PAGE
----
LAUSD Superintendent Austin Beutner toured nine schools in the district on Aug. 20 to witness the first day of classes and to better understand the concerns of teachers, parents and students and address them in this upcoming year, he said.
One concern that’s prominent among parents is family engagement and ways to reduce bureaucracy to make it more accessible for families to volunteer. Prior to this, volunteers were required to be fingerprinted and pay a $56 fee in order to volunteer. Now, there’s no fee, so parents who volunteer over 16 hours are only required to be fingerprinted.
During Beutner’s fifth stop at Ramón C. Cortines School of Visual and Performing Arts in Los Angeles, students demonstrated the need to continue to integrate arts and music in education.
“Choir gave me a voice to be more confident,” Kaylee Rodriguez, 15, said.
She said when she performed “This is Me” from “The Greatest Showman,” she was nervous to sing in front of Beutner, but being part of choir has allowed her to be more confident.
The Culinary Arts program at Dodson Elementary School in Rancho Palos Verdes, demonstrated the need for students to learn culinary skills. Students in this program learn how to cook healthy meals and create their own recipes as well as growing their own vegetables.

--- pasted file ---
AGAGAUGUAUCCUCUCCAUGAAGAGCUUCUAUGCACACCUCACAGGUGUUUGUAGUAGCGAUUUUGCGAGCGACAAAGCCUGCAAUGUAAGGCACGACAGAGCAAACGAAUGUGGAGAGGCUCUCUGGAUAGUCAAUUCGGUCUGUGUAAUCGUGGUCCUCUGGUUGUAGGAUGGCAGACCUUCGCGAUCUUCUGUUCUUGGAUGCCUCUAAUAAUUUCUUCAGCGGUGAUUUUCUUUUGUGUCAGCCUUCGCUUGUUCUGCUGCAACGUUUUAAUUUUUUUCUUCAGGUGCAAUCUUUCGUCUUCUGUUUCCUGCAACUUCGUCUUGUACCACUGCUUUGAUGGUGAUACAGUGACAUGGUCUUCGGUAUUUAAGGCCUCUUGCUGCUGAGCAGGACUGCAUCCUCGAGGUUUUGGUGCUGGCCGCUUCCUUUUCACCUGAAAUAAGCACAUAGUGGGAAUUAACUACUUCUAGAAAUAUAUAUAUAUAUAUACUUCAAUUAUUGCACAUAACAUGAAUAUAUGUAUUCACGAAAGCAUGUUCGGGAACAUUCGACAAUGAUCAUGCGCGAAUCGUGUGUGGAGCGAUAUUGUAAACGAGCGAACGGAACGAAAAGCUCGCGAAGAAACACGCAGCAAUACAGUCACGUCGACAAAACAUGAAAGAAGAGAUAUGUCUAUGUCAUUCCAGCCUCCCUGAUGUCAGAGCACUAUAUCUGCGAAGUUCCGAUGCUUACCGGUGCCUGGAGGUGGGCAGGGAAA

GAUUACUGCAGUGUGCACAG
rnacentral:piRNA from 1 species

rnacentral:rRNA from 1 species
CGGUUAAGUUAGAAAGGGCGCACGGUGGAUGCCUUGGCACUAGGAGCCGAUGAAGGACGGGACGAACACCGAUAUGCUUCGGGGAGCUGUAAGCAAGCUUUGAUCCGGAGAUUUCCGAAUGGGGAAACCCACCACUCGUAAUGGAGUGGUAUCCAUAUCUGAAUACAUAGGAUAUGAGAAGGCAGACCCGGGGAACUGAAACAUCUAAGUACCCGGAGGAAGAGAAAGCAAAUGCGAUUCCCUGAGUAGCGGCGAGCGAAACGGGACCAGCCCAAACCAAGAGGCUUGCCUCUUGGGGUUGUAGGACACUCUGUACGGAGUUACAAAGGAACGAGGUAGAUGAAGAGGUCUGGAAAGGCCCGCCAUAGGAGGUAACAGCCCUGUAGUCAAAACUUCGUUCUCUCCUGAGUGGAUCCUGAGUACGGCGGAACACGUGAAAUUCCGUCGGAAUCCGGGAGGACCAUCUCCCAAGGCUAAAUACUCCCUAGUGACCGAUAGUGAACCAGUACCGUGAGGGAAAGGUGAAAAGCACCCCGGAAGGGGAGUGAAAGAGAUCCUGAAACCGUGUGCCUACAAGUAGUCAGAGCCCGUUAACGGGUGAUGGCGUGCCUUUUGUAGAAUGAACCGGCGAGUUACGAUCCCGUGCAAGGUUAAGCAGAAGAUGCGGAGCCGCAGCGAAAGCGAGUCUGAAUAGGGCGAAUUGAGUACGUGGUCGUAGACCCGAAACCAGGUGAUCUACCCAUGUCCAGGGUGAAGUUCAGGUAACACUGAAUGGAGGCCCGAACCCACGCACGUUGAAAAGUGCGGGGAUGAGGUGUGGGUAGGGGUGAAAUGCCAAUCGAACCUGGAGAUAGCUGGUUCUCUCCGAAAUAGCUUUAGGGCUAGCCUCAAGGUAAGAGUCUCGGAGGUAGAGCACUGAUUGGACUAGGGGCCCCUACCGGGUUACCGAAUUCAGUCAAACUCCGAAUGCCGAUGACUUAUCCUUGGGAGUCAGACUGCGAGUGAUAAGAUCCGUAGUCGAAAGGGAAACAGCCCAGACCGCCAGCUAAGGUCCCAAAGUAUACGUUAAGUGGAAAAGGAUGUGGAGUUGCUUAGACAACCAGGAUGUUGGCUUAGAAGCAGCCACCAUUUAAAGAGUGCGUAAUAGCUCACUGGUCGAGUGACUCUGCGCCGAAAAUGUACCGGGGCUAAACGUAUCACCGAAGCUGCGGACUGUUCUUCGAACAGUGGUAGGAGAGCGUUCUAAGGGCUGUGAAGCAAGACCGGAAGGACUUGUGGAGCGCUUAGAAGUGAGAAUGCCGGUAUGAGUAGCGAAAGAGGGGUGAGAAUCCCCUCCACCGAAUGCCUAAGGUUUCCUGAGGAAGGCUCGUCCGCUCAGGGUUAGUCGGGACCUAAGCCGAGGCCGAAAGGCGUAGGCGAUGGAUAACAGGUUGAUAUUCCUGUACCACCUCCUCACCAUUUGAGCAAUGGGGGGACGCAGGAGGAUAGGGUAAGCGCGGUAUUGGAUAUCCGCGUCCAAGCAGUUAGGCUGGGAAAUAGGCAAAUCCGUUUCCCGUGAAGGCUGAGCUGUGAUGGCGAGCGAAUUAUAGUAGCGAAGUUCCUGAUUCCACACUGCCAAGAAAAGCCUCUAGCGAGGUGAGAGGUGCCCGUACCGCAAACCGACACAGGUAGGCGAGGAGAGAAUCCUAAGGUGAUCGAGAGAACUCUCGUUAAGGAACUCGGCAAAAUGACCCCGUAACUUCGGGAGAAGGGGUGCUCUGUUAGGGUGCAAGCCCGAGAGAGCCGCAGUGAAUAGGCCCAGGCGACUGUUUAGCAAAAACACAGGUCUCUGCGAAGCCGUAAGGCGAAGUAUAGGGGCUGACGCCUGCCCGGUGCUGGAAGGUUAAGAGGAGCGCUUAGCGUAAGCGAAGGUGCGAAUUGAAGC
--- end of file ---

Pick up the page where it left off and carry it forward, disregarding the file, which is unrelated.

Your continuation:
Diego Arzola, a youth participating in the program, said he wants to pursue a culinary arts degree since he has a passion for cooking. For Beutner’s tour, he helped prepare the continental breakfast and said cooking is what he is passionate about. He came in on his last day of summer vacation on Friday to help prepare these meals.
Brian Howe, the culinary arts teacher at Dodson, said he wants to prepare these kids for life and to have the necessary skills to succeed. He hopes Beutner expands the program and continues to fund it.
“I feel culinary arts is a life skill — just like learning how to write an essay, you need to learn how to be self sufficient,” Howe said.
In an attempt to create diverse opportunities for students, Beutner visited STEAM High School at Legacy Complex in South Gate, which teaches engineering and alternative fuel energies to their students. This opened in 2012 in hopes of embedding critical thinking and preparing students for STEAM careers.
These students entered in Horizon Grand Prix Champions and designed a car that would run for 50 miles on hydrogen fuel cells. They won first and third place at World Championship in Prague.
Miguel Guzman, 17, who is a youth involved with the program, started three years ago and wants to become a mechanical engineer. This program pushes him in the right direction to develop the skills necessary to become a mechanical engineer.
“When we got to Europe, being able to talk to people in different languages … was a memorable experience of the program,” Guzman said.
Through these interactions with parents, teachers and students, Beutner better understands their concerns.
Beutner said touring the schools was exciting.
“The doors of opportunity are opening and that’s what school is about,” Beutner said. “I’m here to welcome them back in this safe environment.”